I turned to the 1901 census to look for Edward and Jane Jolly  and found them at Queen Square, Poulton  - and there was Sarah, sister-in-law and a domestic servant.  On Ancestry her name had been wrongly transcribed as "Sounds"  not "Lounds" which was why I could not find it in my initial search.  


So I now knew Sarah's parents and grandparents, that her middle name came from her grandfather and how she came to be in Poulton to meet John Danson.   Though the question still remains -  what had prompted  sister Jane to move  160 miles north from her Lincolnshire home to Lancashire? 



i was still keen to find out the background to the  unusual Christian name of Haydon.  My first thought was that it  probably stemmed from a mother's maiden name - but we all know as family historians, not to make assumptions.  


I had Sarah's grandfather's likely birth year as c.1832 so looked up the 1841 census to trace a young Haydon Lounds aged around 9.   He was found with his family at Bourne, Lincolnshire with parents Thomas, a cottager, born, c 1791,  mother Sarah,  and 4 sisters,  Esther, Sarah, Eliza and Julia, and brother Thomas.  Father Thomas obviously prospered over the years, as in 1851 he was a farmer of 29 acres, and ten years later of 40 acres.  


A search for the marriage of Thomas and his wife Sarah was the next stage of research - and there was my answer -  on 24th October 1814 the marriage of Thomas Lounds and Sarah Haydon with the banns read at Corby, Lincolnshire and   Holywell, Lincolnshire.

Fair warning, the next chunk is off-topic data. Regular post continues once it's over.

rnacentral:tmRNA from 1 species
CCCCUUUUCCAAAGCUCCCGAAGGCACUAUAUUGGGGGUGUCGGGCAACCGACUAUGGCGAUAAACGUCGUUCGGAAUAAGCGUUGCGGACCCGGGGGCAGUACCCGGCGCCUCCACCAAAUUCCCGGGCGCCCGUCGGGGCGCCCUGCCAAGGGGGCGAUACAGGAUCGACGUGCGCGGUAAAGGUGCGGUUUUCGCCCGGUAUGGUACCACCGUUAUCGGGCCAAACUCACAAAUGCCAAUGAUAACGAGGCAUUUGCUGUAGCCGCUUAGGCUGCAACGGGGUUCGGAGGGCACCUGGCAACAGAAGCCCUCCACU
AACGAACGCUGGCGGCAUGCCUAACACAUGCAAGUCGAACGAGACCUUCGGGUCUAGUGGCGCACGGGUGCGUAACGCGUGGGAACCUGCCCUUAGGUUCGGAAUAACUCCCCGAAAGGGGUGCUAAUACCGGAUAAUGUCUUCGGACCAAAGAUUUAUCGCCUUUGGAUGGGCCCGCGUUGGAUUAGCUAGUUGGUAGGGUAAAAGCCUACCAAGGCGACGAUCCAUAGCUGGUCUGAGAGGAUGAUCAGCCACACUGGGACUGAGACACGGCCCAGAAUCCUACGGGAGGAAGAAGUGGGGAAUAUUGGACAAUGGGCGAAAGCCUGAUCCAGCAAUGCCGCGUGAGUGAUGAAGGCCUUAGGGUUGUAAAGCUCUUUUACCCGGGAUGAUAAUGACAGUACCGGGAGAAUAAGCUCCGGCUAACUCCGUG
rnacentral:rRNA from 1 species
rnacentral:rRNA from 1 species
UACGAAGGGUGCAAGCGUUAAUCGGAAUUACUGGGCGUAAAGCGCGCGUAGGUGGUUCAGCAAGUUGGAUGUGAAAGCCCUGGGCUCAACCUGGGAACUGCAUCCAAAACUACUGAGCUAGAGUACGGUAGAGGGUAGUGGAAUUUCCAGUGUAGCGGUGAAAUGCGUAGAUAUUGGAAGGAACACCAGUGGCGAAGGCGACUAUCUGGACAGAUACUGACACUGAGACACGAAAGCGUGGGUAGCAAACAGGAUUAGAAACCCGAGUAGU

Around the same time as Thomas and Sarah above married, there was also a marriage in Lincolnshire of a Thomas Lounds and a Mary Lamb and many people cite them as Haydon's parents on the online trees in Ancestry.  However I have discounted this as the correct record,  as none of the  female descendants were called Mary, and the Sarah Haydon link is so powerful, given the way her maiden name and the Christian names of her children were continued down the generations and branches of the family.

Given that coach builder Haydon was a local tradesman, I sought to find more about his own life and work and searched The London Gazette and   British Newspapers Online   to trace a number of entries on Haydon.  It proved to be a tragic tale.  

The London Gazette:  22nd February 1855
"A petition for bankruptcy - hearing date 14th February 1855 has been filed against Haydon Lounds of Bourne in the county of Lincoln, coach builder and wheelwright......"  

Haydon could only have been about 23 years old at the  time of this bankruptcy and had married only two years previously,with  eldest son George Haydon (Sarah's father) born the same year.    However Haydon continued working in his trade, as indicated in the census returns 1861-1891 where he was described as "employed". Three daughters and six sons were born over  the next twenty years. Newspaper reports gave an insight into  Haydon as a respected member of the community, with  frequent reference to Haydon being among a company of bell ringers, who performed in church and at various social occasions, plus an award made to him by a Friendly Society. 

The Stamford Mercury:  12th July 1870"
"The Managers of the Hearts of Oak  Friendly Society, of London, have this week presented a handsome silver medal, bearing a suitable inscription, to Mr. Haydon Lounds, workman in the employ of Mr. Anderson, coach builder, of this town, for valuable assistance he has rendered for some time in inducing persons to become members of that institution".